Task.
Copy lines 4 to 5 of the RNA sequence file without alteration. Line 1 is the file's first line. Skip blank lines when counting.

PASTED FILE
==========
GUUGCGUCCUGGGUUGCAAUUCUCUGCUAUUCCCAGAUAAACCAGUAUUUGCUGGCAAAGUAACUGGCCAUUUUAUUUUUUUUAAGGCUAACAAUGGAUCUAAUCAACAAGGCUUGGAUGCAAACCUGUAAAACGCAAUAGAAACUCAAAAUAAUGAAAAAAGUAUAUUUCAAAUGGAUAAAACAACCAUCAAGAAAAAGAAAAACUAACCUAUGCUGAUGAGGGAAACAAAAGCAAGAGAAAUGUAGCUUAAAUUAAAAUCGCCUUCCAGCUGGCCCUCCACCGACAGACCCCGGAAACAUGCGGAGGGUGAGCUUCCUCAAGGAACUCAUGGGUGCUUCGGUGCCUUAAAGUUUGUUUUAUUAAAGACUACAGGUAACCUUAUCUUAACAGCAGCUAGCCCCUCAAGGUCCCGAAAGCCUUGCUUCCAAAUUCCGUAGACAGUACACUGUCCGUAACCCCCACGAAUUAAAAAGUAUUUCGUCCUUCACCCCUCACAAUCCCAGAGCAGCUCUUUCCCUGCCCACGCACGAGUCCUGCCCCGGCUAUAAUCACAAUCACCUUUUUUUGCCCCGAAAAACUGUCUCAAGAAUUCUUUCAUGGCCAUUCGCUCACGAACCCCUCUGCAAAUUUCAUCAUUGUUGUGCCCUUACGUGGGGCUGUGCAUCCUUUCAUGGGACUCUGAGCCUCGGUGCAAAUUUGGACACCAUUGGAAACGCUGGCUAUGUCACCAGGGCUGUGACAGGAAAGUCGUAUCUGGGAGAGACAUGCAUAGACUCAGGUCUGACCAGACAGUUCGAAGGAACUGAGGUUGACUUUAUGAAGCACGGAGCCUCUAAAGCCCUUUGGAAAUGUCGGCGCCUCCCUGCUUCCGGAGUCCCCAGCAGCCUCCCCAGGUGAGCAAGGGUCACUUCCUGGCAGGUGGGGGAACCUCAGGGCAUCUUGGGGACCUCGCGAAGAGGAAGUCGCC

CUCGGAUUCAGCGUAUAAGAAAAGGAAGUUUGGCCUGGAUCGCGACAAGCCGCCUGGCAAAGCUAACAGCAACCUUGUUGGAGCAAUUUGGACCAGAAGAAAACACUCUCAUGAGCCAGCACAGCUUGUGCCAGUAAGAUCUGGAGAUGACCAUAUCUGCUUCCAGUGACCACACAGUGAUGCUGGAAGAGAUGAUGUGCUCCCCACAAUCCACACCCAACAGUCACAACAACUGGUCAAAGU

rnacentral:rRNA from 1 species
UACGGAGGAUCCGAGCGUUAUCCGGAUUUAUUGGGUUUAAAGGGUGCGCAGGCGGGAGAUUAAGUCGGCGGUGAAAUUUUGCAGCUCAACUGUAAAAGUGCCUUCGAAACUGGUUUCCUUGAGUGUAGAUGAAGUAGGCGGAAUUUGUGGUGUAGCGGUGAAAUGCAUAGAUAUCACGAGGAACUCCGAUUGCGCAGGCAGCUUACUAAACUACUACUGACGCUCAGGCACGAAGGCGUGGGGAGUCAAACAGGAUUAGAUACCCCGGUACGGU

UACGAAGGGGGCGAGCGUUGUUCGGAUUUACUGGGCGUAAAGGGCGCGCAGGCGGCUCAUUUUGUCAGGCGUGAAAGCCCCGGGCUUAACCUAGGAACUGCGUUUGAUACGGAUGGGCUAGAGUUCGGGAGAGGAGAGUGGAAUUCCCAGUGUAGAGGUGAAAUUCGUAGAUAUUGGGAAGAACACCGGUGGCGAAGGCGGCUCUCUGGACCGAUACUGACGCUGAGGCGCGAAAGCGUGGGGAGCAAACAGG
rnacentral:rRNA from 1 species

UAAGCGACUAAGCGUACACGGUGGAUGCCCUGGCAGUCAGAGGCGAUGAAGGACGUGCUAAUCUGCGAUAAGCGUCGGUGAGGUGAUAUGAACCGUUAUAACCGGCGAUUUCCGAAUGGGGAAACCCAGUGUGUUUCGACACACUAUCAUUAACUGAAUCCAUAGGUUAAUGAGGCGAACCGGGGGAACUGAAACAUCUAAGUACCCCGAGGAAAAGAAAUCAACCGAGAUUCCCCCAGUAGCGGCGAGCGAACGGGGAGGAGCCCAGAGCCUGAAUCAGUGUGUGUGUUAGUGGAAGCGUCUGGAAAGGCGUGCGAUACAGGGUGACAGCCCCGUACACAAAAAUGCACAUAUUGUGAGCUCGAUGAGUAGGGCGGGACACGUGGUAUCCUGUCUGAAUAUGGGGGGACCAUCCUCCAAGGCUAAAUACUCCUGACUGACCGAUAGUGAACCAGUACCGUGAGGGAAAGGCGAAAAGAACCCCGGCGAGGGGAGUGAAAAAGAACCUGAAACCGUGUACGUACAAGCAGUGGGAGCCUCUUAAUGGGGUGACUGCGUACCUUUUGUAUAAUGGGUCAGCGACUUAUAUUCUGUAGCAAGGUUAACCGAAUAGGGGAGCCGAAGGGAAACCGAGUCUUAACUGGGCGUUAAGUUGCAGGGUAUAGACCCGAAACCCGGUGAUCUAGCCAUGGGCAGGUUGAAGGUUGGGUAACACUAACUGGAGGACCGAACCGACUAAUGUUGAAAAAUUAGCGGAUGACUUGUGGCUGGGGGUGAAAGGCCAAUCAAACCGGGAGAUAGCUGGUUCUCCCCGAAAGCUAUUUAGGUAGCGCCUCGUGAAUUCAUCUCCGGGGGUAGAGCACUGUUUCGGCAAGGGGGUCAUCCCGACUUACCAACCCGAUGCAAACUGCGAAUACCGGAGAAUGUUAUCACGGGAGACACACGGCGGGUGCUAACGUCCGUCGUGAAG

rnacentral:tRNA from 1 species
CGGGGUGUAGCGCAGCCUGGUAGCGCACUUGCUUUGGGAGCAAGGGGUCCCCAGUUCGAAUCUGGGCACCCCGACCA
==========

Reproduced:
UACGGAGGAUCCGAGCGUUAUCCGGAUUUAUUGGGUUUAAAGGGUGCGCAGGCGGGAGAUUAAGUCGGCGGUGAAAUUUUGCAGCUCAACUGUAAAAGUGCCUUCGAAACUGGUUUCCUUGAGUGUAGAUGAAGUAGGCGGAAUUUGUGGUGUAGCGGUGAAAUGCAUAGAUAUCACGAGGAACUCCGAUUGCGCAGGCAGCUUACUAAACUACUACUGACGCUCAGGCACGAAGGCGUGGGGAGUCAAACAGGAUUAGAUACCCCGGUACGGU

UACGAAGGGGGCGAGCGUUGUUCGGAUUUACUGGGCGUAAAGGGCGCGCAGGCGGCUCAUUUUGUCAGGCGUGAAAGCCCCGGGCUUAACCUAGGAACUGCGUUUGAUACGGAUGGGCUAGAGUUCGGGAGAGGAGAGUGGAAUUCCCAGUGUAGAGGUGAAAUUCGUAGAUAUUGGGAAGAACACCGGUGGCGAAGGCGGCUCUCUGGACCGAUACUGACGCUGAGGCGCGAAAGCGUGGGGAGCAAACAGG